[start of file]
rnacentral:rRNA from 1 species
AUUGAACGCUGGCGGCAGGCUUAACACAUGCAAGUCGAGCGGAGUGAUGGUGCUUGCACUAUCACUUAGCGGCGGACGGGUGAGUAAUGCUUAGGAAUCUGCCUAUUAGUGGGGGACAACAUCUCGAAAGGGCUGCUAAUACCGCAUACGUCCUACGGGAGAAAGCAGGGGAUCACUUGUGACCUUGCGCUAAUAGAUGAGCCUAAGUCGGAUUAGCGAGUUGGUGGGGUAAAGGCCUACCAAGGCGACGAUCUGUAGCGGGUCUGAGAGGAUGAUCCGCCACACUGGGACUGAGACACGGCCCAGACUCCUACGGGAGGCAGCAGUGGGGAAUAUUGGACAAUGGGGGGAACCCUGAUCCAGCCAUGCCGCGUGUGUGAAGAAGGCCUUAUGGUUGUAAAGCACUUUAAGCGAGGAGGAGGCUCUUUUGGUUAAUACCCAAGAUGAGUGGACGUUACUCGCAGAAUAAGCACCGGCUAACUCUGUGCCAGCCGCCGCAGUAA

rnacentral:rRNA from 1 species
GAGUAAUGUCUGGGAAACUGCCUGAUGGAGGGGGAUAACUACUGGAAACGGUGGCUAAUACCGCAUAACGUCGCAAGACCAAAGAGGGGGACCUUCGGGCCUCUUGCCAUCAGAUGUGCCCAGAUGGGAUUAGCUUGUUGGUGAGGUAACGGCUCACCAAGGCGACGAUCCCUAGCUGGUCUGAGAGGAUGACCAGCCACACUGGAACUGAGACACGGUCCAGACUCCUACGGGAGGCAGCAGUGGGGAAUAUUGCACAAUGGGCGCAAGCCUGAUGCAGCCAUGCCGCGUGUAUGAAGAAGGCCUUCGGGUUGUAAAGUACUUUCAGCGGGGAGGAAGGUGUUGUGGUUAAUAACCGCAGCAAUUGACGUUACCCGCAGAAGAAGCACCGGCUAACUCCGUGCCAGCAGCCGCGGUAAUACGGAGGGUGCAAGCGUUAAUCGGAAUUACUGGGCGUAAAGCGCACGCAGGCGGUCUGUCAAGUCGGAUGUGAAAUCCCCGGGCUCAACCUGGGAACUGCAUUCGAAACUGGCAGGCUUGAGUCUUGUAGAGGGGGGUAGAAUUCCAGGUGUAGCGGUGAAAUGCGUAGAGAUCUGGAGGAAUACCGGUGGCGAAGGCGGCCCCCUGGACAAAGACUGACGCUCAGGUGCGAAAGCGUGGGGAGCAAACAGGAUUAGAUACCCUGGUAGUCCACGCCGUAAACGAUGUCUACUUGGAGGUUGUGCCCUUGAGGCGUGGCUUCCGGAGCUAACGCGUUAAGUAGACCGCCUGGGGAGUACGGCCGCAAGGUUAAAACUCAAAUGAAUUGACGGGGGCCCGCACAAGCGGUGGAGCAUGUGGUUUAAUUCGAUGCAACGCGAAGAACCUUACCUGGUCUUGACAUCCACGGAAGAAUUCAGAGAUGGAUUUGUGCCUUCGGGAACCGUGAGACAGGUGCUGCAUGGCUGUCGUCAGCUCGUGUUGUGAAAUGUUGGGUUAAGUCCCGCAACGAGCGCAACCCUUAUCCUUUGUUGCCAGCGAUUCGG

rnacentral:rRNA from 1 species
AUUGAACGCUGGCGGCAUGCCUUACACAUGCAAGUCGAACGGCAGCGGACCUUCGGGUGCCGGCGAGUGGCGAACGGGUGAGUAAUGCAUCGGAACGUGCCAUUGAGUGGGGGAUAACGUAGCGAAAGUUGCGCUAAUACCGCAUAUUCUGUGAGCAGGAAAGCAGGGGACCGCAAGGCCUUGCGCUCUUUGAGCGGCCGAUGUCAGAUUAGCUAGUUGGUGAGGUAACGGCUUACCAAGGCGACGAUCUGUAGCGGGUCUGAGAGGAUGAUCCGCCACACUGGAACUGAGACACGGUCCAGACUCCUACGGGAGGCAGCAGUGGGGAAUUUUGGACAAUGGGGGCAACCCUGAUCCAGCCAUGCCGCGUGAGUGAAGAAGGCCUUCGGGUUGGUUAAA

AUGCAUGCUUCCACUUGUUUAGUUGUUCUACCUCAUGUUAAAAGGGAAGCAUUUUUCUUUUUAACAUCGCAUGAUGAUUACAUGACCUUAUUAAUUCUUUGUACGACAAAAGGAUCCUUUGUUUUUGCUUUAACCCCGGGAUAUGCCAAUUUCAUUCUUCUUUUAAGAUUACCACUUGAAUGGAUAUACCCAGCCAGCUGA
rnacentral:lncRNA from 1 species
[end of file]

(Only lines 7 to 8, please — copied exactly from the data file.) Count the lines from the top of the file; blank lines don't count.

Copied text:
AUGCAUGCUUCCACUUGUUUAGUUGUUCUACCUCAUGUUAAAAGGGAAGCAUUUUUCUUUUUAACAUCGCAUGAUGAUUACAUGACCUUAUUAAUUCUUUGUACGACAAAAGGAUCCUUUGUUUUUGCUUUAACCCCGGGAUAUGCCAAUUUCAUUCUUCUUUUAAGAUUACCACUUGAAUGGAUAUACCCAGCCAGCUGA
rnacentral:lncRNA from 1 species